XML For Dummies

Overview

Data exchange. Database connectivity. Complex document creation. With XML, you can create common formats for sharing information -- once you get the hang of all those rules. That's where this book comes in. Now updated to cover the latest XML developments, this friendly reference helps you get the hang of DTDs, XML Schema, XPath, and other applications -- and start putting XML to work.

"...shows how to use XML to improve the interactivity of your Web site, accommodate special or complex data, and take...

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Overview

Data exchange. Database connectivity. Complex document creation. With XML, you can create common formats for sharing information -- once you get the hang of all those rules. That's where this book comes in. Now updated to cover the latest XML developments, this friendly reference helps you get the hang of DTDs, XML Schema, XPath, and other applications -- and start putting XML to work.

"...shows how to use XML to improve the interactivity of your Web site, accommodate special or complex data, and take more control over document structure and layout."

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Product Details

  • ISBN-13: 9780764506925
  • Publisher: Wiley, John & Sons, Incorporated
  • Publication date: 5/5/2000
  • Series: For Dummies Series
  • Edition description: Older Edition
  • Edition number: 2
  • Pages: 378
  • Product dimensions: 7.37 (w) x 9.21 (h) x 1.10 (d)

Meet the Author


Ed Tittel is a grizzled veteran of the publishing game, with several hundred magazine articles and over 85 books to his credit. Ed has worked on five other ...For Dummies books that vary from HTML 4 For Dummies (the fourth iteration on this subject, with Stephen N. James as his coauthor) to Networking with NetWare For Dummies, 4th edition (with James Gaskin and David Johnson), and other topics. Ed also presides over a small Austin, Texas-based consulting company, LANWrights, Inc., that specializes in network-oriented training, writing, and consulting. In his spare time, Ed likes to shoot pool, cook chicken stock, and harass his growing young Labrador pup, Blackie (or is it the other way 'round?). You can reach Ed via e-mail at etittel@lanw.com or on his Web page at www.lanw.com/etbio.htm.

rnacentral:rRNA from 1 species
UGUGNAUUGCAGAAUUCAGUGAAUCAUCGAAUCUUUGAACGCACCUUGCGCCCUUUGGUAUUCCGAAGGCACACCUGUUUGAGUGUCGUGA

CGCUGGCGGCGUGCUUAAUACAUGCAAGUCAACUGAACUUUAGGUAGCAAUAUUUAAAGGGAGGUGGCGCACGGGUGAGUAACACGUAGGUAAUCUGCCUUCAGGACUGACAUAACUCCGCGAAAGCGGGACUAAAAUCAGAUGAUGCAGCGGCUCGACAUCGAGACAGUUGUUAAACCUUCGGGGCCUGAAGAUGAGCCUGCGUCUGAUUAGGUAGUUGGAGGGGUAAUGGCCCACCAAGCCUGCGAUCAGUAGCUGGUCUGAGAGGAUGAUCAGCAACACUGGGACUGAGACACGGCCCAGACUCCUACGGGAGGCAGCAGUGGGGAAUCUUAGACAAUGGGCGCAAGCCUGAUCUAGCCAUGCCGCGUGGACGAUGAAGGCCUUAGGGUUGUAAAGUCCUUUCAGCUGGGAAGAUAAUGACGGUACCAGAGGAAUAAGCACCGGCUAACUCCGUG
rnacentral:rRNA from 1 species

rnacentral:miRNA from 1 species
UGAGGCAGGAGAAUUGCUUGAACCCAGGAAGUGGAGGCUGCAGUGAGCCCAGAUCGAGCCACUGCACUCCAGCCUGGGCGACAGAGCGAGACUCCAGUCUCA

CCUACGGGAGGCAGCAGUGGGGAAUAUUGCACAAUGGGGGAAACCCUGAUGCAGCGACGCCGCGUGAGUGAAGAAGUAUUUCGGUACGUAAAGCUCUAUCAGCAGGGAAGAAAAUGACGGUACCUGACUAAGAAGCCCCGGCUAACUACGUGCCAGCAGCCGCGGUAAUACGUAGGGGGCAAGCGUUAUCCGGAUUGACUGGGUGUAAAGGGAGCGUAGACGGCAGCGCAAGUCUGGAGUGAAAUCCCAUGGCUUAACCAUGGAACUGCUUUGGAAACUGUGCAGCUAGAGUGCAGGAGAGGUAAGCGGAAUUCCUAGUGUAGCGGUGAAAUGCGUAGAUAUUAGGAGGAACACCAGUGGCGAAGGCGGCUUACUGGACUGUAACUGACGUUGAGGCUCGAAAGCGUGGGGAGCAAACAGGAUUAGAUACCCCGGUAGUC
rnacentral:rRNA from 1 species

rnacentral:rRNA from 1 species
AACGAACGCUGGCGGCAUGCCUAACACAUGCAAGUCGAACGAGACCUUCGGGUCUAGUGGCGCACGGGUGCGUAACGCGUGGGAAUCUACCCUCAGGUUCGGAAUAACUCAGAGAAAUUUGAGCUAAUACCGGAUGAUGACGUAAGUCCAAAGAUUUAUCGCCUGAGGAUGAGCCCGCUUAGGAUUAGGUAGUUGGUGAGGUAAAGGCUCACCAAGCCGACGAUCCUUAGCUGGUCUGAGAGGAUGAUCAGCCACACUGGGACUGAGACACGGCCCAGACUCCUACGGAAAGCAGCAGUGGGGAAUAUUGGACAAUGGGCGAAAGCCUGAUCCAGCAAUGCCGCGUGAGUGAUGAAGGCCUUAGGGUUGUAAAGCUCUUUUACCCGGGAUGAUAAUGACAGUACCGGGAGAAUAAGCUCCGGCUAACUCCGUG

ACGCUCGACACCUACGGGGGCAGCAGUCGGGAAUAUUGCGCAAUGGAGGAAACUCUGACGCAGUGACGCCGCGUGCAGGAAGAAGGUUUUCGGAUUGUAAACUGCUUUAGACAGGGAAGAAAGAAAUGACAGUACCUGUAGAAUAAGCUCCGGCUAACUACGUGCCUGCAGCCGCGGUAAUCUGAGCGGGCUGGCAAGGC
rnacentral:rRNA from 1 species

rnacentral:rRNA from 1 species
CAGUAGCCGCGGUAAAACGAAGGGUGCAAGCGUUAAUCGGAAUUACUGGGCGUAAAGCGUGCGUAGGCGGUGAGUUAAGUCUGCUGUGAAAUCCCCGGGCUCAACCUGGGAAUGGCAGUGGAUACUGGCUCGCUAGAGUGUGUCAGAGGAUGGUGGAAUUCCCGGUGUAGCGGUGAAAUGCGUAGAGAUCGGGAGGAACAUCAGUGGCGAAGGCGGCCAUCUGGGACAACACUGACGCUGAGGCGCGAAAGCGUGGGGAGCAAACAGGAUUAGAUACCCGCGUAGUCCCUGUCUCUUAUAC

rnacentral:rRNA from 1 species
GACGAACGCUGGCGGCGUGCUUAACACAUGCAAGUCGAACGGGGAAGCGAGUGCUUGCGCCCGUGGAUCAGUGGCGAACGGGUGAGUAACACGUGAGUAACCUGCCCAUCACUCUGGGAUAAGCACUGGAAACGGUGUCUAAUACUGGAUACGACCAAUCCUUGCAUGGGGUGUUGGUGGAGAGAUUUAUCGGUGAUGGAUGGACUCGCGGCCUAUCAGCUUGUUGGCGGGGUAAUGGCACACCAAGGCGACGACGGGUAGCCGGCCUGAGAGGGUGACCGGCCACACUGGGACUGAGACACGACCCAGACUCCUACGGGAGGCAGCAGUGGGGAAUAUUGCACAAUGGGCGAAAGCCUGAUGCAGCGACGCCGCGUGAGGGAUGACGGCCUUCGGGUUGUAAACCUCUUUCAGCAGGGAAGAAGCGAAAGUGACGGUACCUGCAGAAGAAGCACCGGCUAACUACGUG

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Read an Excerpt


Chapter 4: Understanding XML Document Structure

In This Chapter
  • Mastering the basics of creating an XML document
  • Exploring techniques for good XML coding
  • Understanding the virtues of completeness
  • Realizing that well-formedness implies more than it says
  • Figuring out when you've got it right

In this chapter, we explore the meaning of the terms valid and well formed in relation to XML documents. Then we demonstrate good XML coding techniques. After you master the concept of good coding, you find out how complete XML delivers good structure overall. This leads to a discussion of what well formed really means in an XML document. After you get all that under your hat, you find out how to tell whether you've coded your XML correctly.

Mastering the Basics: Pieces and Parts

Writing XML code is easy. All you need is a text editor -- you can even make up your own tag names! Before you begin creating XML documents, however, we need to talk about a few things.

You must understand a couple of buzzwords in order to create correctly formatted XML documents: valid and well formed. These two terms are often bantered about whenever techie types discuss XML. In this section, you uncover what these two terms mean -- without the usual jargon.

A well-formed road is a good road

All XML documents must be well formed -- end of story! A well-formed XML document follows a few specific rules to make the document easy for a computer program to read. See the section entitled "Making XML Well-Formed" later in this chapter for the complete scoop on creating well-formed XML.

Seeking validation

Although all XML documents must be well formed -- or else they aren't XML -- not all XML documents have to be valid. This doesn't mean you don't want valid XML documents. Validity just adds another layer of structure that can be helpful when you want to use or reuse a document. After all, a structured document is better than one that can contain any old set of tags in any old order.

A valid XML document adheres to a Document Type Definition (DTD). To answer the next inevitable question, a DTD defines a set of rules that specify which tags can legally appear in your document. A DTD also spells out how those tags can appear: It indicates their order and which tags can appear within other tags. Simply put, a DTD tells you what your tags can and cannot do; therefore, a DTD defines the rules that XML markup in a document must follow.

DTDs are not necessary, or required, for every instance of XML. However, they do give your XML documents an extra layer of organizational structure that can make your life easier. DTDs also help developers share expectations about document structures. If you're interested in reading more about DTDs, please see Chapter 5.

Now that you know what to look out for, open your text editor so we can get started.

Preambles and Definitions Start the Game